• 15. The Chemistry of Sour Beers  Goals  Comparative analysis of organic acids using quantitative NMR  Manually integrated against a known mass of Maleic Acid  Lactic Acid, Acetic Acid, Succinic Acid, Citric Acid, Malic Acid  Analyze linear and branched dextrin ratios among multiple styles  Utilize multivariate analysis to discriminate multiple styles of sour beer
  • 16. Allagash-014-H.esp Maleic Acid HOD Ethanol Ethanol Lactic Acid Normalized Intensity 0.0010 Acetic Acid 0.0005 Lactic Acid Citric Acid & Malic Acid (if present) Succinic Acid 0 6.5  6.0 5.5 5.0 4.5 4.0 3.5 Chemical Shift (ppm) 3.0 2.5 2.0 Drie Fonteinen Oude Gueuze Straight Run; Assignments from Rodrigues et al. 2010 1.5 1.0
  • 17. Allagash-014-H_FD.esp Sugar Anomeric Region Lactic Acid Lactic Acid Normalized Intensity Maleic Acid Residual Ethanol 2,3-butanediol Valine, Leucine, Isoleucine 0.007 0.006 Proline 0.005 a(1-4) Maltodextrin 0.004 0.003 8.5 8.0 7.5 Proline a-Glucose Aromatic Amino Acids Residual Phenols Benzoic Acids 0.001 Citric Acid & Malic Acid (if present) a(1-6) Maltodextrin Aromatic Amino Acids Residual Phenols Benzoic Acids 0.002  Ethanol 7.0 6.5 6.0 Asparagine B-Glucose 5.5 5.0 4.5 4.0 Chemical Shift (ppm) Arginine Alanine Pyruvic Acid 3.5 3.0 2.5 2.0 1.5 1.0 Freeze dried Run of Drie Fonteinen Oude Gueuze; Assignments from Rodrigues et al. 2010, Rodrigues & Gil 2011, & Nord et al. 2004
  • 18. Allagash-006-H_FD.esp Allagash-005-H_FD.esp 0.060 Framboise-Style 0.055 Kriek-Style 0.030 Lactic Acid Lactic Acid 0.050 0.025 0.045 Normalized Intensity 0.035 0.030 Acetic Acid 0.025 0.020 Acetic Acid 0.015 Citric Acid 0.020 Malic Acid 0.010 0.015 Succinic Acid Succinic Acid 0.010 0.005 0.005 3.0 2.5 2.0 3.0 1.5 2.5 Chemical Shift (ppm) Chemical Shift (ppm) Allagash-004-H_FD.esp Lactic Acid 0.030 Gueuze-Style 0.025 Normalized Intensity Normalized Intensity 0.040 0.020 0.015 0.010 Acetic Acid Succinic Acid 0.005 No Malic Acid Little to No Citric Acid 3.0 2.5 2.0 Chemical Shift (ppm) 1.5 2.0 1.5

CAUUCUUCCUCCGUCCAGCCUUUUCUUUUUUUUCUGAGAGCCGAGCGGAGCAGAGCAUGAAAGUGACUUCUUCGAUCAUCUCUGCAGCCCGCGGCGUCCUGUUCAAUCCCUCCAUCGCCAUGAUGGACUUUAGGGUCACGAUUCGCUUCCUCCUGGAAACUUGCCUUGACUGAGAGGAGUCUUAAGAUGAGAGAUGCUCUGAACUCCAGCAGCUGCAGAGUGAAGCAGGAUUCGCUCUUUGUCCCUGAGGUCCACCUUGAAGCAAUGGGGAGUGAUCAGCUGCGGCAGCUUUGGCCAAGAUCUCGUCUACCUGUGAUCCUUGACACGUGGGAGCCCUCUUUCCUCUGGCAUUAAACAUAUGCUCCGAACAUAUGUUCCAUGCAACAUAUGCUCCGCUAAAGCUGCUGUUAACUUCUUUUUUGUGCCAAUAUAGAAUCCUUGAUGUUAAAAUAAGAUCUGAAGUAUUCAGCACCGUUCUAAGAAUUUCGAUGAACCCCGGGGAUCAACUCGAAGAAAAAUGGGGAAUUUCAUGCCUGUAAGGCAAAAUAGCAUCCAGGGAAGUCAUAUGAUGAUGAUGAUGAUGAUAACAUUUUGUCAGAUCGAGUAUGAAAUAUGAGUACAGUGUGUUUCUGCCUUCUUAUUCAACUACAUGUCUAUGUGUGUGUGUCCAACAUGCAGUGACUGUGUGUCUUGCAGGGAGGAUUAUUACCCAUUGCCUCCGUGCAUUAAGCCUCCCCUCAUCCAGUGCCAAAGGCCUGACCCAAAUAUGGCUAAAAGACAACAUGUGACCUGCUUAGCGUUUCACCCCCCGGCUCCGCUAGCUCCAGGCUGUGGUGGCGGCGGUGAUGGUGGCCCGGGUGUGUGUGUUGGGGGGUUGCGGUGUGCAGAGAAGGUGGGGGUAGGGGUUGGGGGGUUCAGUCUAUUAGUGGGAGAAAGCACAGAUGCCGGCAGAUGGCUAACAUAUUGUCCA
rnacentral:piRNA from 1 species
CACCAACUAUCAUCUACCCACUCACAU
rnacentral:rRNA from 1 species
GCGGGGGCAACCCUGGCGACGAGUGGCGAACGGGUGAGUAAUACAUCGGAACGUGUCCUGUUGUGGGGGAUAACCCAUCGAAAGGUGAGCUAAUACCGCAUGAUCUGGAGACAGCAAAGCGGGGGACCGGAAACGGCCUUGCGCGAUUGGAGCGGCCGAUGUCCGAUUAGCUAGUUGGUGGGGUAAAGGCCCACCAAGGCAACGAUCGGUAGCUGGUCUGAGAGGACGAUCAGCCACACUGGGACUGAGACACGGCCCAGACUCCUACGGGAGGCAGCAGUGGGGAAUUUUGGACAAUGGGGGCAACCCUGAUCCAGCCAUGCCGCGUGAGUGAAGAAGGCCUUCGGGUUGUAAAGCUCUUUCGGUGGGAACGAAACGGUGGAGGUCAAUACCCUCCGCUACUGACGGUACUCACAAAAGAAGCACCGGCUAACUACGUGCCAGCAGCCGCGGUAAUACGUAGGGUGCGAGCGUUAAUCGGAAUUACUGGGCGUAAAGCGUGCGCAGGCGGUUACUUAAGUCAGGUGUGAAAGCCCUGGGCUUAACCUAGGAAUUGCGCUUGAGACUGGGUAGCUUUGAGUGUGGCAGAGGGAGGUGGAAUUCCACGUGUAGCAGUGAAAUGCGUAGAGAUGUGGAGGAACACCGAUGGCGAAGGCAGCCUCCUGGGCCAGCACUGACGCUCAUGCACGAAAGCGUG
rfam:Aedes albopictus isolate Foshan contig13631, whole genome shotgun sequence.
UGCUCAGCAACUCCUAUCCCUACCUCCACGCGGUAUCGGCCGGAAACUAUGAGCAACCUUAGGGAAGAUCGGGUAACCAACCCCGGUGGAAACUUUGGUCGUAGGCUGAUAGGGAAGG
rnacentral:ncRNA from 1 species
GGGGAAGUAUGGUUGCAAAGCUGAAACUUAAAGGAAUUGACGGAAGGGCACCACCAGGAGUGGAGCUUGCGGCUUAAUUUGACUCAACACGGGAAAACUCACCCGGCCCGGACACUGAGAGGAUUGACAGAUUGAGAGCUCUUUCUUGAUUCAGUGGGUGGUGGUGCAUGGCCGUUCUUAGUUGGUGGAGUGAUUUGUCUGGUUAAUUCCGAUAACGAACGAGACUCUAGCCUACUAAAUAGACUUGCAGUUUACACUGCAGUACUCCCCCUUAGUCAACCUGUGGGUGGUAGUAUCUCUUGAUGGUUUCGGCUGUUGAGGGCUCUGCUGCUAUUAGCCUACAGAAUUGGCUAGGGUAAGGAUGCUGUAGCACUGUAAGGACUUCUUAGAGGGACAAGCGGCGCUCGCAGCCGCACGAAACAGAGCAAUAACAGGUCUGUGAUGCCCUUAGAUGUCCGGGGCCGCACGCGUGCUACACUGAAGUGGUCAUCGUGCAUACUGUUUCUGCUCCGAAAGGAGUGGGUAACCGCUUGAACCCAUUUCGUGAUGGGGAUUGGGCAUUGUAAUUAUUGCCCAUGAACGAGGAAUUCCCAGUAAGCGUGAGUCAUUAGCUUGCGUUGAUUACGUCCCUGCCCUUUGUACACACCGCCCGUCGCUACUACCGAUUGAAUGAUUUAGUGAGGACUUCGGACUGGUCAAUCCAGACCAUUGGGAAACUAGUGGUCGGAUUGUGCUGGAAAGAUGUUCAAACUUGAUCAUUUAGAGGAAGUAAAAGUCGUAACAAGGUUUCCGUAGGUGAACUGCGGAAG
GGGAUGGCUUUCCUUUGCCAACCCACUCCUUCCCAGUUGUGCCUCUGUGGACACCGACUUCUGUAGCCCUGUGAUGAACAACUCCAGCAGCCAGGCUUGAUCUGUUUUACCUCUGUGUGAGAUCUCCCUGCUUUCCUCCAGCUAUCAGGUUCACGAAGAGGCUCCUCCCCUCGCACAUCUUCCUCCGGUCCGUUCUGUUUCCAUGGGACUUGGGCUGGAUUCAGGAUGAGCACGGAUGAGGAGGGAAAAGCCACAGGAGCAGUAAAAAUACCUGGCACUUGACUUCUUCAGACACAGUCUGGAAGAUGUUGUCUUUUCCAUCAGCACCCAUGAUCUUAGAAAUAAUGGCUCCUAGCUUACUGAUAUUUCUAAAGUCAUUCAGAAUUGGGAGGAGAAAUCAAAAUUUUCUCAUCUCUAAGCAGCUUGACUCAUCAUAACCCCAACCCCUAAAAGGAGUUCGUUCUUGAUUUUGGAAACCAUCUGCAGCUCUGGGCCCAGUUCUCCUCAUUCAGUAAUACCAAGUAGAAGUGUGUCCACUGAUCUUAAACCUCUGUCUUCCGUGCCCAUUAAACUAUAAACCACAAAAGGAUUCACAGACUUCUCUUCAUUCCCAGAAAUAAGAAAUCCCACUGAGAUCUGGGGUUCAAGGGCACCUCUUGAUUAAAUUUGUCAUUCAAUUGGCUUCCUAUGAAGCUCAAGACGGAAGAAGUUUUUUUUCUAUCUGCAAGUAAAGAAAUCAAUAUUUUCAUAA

• 19. Acid Differences American Geuze-Style American FramboiseStyle 3% Beer American GeuzeStyle American Framboise -Style American Kriek-Style Boone Mariage Parfait 2009 Oude Geuze Vieille Geuze Fond Tradition Drie Fonteinen A Drie Fonteinen B LA (mg/L) AA (mg/L) SA (mg/L) CA (mg/L) MA (mg/L) 5386.0 1410.0 238.5 0 2972.1 394.6 3890.7 0 4682.8 1965.7 423.4 0 35% 35% 0 3896.7 20% 3777.8 3% 77% 27% Lactic 4506.5 488.1 217.0 0 0 3497.8 454.1 175.2 0 0 6807.8 698.6 218.8 0 Acetic Succinic 0 Belgian Geuze 11% Lactic Acetic Succinic Citric American Kriek-Style 4% 35% 43% 5137.6 865.9 234.6 0 0 5389.9 917.7 228.9 0 0 4% 85% Lactic Acetic Succinic 18% Lactic Acetic Succinic Malic
  • 20. Dextrin Ratios Α(1-4) MALTODEXTRIN / Α(1-6) MALTODEXTRIN Ratio of α(1-4) Maltodextrin to α(1-6) Maltodextrin by Style 7  “Degree of Fermentation”  Dependent on:   5 4 3 2 1 0 STYLE Style  6 Strain Ingredients
  • 21. Multivariate Analysis – Principal Component Analysis  Saiso Saisons ns Lambic Belgi an Geuz es ACA Ameri can Cools hip Beers Belgi Bel. Foudre an Foudr e Beer Hybri d Beer Ameri can Foudr e Beer IPA + Lager s IPA + Lager 100% 100% Brett. Brett Beers Am. Foudre Segregate based largely on sugar detail  Independent of ingredients
  • 22. Conclusions  ACAs & Belgian Lambics have differing acid profiles  Ratio of linear and branched maltodextrins can be used to differentiate styles  Multivariate analysis can differentiate between ACAs, Belgian Lambics and 6 other styles
  • 23. References 1. Sparrow, J. (2005). Wild brews: Beer Beyond the Influence of Brewer’s Yeast, (Strong, G., Ed.), Brewers Publications, Boulder, CO. 2. Guinard, J. X. (1990). Lambic, (Thomas, V., Ed.), Brewers Publications, Boulder, CO. 3. Bokulich, N. A., Bamforth, C. W., Mills, D. A. (2012). Brewhouse-Resident Microbiota Are Responsible for Multi-Stage Fermentation of American Coolship Ale, PLoS One. 7:4, 1-11. 4. Dornbusch, H., Heyse, K. U. (2012) Reinheitsgebot, in the Oxford Companion to Beer, (Oliver, G., Ed.), pp. 691-693, Oxford University Press, Oxford. 5. Narziss, L. (1984) The German Beer Law, J. Inst. Brew. 90, 351-358. 6. Sour Mashing: Techniques, Brew Your Own Magazine. http://byo.com/all-grainbrewing/item/1691-sour-mashing-techniques (last accessed July 2013). 7. Rodrigues, J. E., Erny, G. L., Barros, A. S., et al. (2010). Quantification of organic acids in beer by nuclear magnetic resonance (NMR)-based methods, Anal. Chim. Acta. 674(2):166175. 8. Rodrigues, J.E., Gil, A. M. (2012). NMR methods for beer characterization and quality control, Magn. Reson. Chem. 49: S37-S45. 9. Nord, L. I., Vaag, P., Duus, J. O. (2004). Quantification of Organic and Amino Acids in Beer by 1H NMR Spectroscopy, Anal. Chem. 76(16):4790-4798.